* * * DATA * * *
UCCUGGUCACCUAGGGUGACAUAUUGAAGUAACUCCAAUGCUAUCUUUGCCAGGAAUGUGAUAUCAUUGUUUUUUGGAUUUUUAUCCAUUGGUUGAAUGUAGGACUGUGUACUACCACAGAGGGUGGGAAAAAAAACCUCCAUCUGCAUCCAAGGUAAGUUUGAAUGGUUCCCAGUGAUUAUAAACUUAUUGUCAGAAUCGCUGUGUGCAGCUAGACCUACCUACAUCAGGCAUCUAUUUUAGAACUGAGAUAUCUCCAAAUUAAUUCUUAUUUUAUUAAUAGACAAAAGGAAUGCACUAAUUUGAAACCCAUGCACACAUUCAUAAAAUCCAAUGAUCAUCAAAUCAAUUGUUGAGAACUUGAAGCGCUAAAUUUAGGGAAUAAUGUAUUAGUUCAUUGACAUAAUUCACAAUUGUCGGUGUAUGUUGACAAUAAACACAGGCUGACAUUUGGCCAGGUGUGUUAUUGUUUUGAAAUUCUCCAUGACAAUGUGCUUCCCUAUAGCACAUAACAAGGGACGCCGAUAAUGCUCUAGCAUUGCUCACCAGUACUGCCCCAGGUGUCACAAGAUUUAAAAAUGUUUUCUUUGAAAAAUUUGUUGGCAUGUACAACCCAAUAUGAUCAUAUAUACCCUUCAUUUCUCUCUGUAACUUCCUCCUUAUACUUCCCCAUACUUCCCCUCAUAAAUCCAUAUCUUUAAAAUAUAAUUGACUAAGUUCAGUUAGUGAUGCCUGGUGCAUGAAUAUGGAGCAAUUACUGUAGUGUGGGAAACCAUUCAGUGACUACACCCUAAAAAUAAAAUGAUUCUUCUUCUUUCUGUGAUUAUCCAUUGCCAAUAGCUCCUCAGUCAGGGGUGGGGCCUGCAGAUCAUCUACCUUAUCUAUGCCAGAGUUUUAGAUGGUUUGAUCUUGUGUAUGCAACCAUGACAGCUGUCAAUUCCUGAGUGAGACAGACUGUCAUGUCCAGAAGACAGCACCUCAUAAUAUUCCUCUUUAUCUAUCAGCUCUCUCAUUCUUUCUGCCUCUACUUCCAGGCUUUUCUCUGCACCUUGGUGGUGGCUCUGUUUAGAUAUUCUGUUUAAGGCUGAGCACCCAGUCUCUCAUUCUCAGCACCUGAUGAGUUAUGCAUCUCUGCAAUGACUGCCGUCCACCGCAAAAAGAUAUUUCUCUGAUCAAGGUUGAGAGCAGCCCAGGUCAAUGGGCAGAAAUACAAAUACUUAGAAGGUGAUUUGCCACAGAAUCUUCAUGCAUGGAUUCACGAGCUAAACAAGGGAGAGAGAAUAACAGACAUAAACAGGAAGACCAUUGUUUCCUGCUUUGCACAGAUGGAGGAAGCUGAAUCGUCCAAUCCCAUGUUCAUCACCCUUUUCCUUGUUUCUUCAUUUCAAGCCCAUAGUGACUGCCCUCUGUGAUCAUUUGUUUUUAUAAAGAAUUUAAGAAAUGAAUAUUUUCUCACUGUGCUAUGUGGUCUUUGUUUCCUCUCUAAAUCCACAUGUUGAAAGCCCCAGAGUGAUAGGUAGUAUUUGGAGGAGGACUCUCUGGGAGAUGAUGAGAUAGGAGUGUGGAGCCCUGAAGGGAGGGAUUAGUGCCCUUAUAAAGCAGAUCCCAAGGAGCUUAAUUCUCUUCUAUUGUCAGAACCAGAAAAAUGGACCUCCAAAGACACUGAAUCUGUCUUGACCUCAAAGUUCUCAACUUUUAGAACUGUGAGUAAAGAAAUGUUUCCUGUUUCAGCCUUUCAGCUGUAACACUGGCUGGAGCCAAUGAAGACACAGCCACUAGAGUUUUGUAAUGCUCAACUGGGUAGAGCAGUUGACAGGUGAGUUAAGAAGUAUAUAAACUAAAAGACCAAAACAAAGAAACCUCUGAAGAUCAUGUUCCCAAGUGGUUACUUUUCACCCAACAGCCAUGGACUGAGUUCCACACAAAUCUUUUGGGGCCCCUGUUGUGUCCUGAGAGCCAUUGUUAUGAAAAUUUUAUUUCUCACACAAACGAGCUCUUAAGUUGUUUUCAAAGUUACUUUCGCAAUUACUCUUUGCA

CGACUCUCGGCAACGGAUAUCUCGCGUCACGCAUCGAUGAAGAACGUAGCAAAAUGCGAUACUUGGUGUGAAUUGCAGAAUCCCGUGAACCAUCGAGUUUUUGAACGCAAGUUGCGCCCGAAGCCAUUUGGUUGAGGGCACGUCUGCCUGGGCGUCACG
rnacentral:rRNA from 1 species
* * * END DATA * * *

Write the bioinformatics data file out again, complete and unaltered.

UCCUGGUCACCUAGGGUGACAUAUUGAAGUAACUCCAAUGCUAUCUUUGCCAGGAAUGUGAUAUCAUUGUUUUUUGGAUUUUUAUCCAUUGGUUGAAUGUAGGACUGUGUACUACCACAGAGGGUGGGAAAAAAAACCUCCAUCUGCAUCCAAGGUAAGUUUGAAUGGUUCCCAGUGAUUAUAAACUUAUUGUCAGAAUCGCUGUGUGCAGCUAGACCUACCUACAUCAGGCAUCUAUUUUAGAACUGAGAUAUCUCCAAAUUAAUUCUUAUUUUAUUAAUAGACAAAAGGAAUGCACUAAUUUGAAACCCAUGCACACAUUCAUAAAAUCCAAUGAUCAUCAAAUCAAUUGUUGAGAACUUGAAGCGCUAAAUUUAGGGAAUAAUGUAUUAGUUCAUUGACAUAAUUCACAAUUGUCGGUGUAUGUUGACAAUAAACACAGGCUGACAUUUGGCCAGGUGUGUUAUUGUUUUGAAAUUCUCCAUGACAAUGUGCUUCCCUAUAGCACAUAACAAGGGACGCCGAUAAUGCUCUAGCAUUGCUCACCAGUACUGCCCCAGGUGUCACAAGAUUUAAAAAUGUUUUCUUUGAAAAAUUUGUUGGCAUGUACAACCCAAUAUGAUCAUAUAUACCCUUCAUUUCUCUCUGUAACUUCCUCCUUAUACUUCCCCAUACUUCCCCUCAUAAAUCCAUAUCUUUAAAAUAUAAUUGACUAAGUUCAGUUAGUGAUGCCUGGUGCAUGAAUAUGGAGCAAUUACUGUAGUGUGGGAAACCAUUCAGUGACUACACCCUAAAAAUAAAAUGAUUCUUCUUCUUUCUGUGAUUAUCCAUUGCCAAUAGCUCCUCAGUCAGGGGUGGGGCCUGCAGAUCAUCUACCUUAUCUAUGCCAGAGUUUUAGAUGGUUUGAUCUUGUGUAUGCAACCAUGACAGCUGUCAAUUCCUGAGUGAGACAGACUGUCAUGUCCAGAAGACAGCACCUCAUAAUAUUCCUCUUUAUCUAUCAGCUCUCUCAUUCUUUCUGCCUCUACUUCCAGGCUUUUCUCUGCACCUUGGUGGUGGCUCUGUUUAGAUAUUCUGUUUAAGGCUGAGCACCCAGUCUCUCAUUCUCAGCACCUGAUGAGUUAUGCAUCUCUGCAAUGACUGCCGUCCACCGCAAAAAGAUAUUUCUCUGAUCAAGGUUGAGAGCAGCCCAGGUCAAUGGGCAGAAAUACAAAUACUUAGAAGGUGAUUUGCCACAGAAUCUUCAUGCAUGGAUUCACGAGCUAAACAAGGGAGAGAGAAUAACAGACAUAAACAGGAAGACCAUUGUUUCCUGCUUUGCACAGAUGGAGGAAGCUGAAUCGUCCAAUCCCAUGUUCAUCACCCUUUUCCUUGUUUCUUCAUUUCAAGCCCAUAGUGACUGCCCUCUGUGAUCAUUUGUUUUUAUAAAGAAUUUAAGAAAUGAAUAUUUUCUCACUGUGCUAUGUGGUCUUUGUUUCCUCUCUAAAUCCACAUGUUGAAAGCCCCAGAGUGAUAGGUAGUAUUUGGAGGAGGACUCUCUGGGAGAUGAUGAGAUAGGAGUGUGGAGCCCUGAAGGGAGGGAUUAGUGCCCUUAUAAAGCAGAUCCCAAGGAGCUUAAUUCUCUUCUAUUGUCAGAACCAGAAAAAUGGACCUCCAAAGACACUGAAUCUGUCUUGACCUCAAAGUUCUCAACUUUUAGAACUGUGAGUAAAGAAAUGUUUCCUGUUUCAGCCUUUCAGCUGUAACACUGGCUGGAGCCAAUGAAGACACAGCCACUAGAGUUUUGUAAUGCUCAACUGGGUAGAGCAGUUGACAGGUGAGUUAAGAAGUAUAUAAACUAAAAGACCAAAACAAAGAAACCUCUGAAGAUCAUGUUCCCAAGUGGUUACUUUUCACCCAACAGCCAUGGACUGAGUUCCACACAAAUCUUUUGGGGCCCCUGUUGUGUCCUGAGAGCCAUUGUUAUGAAAAUUUUAUUUCUCACACAAACGAGCUCUUAAGUUGUUUUCAAAGUUACUUUCGCAAUUACUCUUUGCA

CGACUCUCGGCAACGGAUAUCUCGCGUCACGCAUCGAUGAAGAACGUAGCAAAAUGCGAUACUUGGUGUGAAUUGCAGAAUCCCGUGAACCAUCGAGUUUUUGAACGCAAGUUGCGCCCGAAGCCAUUUGGUUGAGGGCACGUCUGCCUGGGCGUCACG
rnacentral:rRNA from 1 species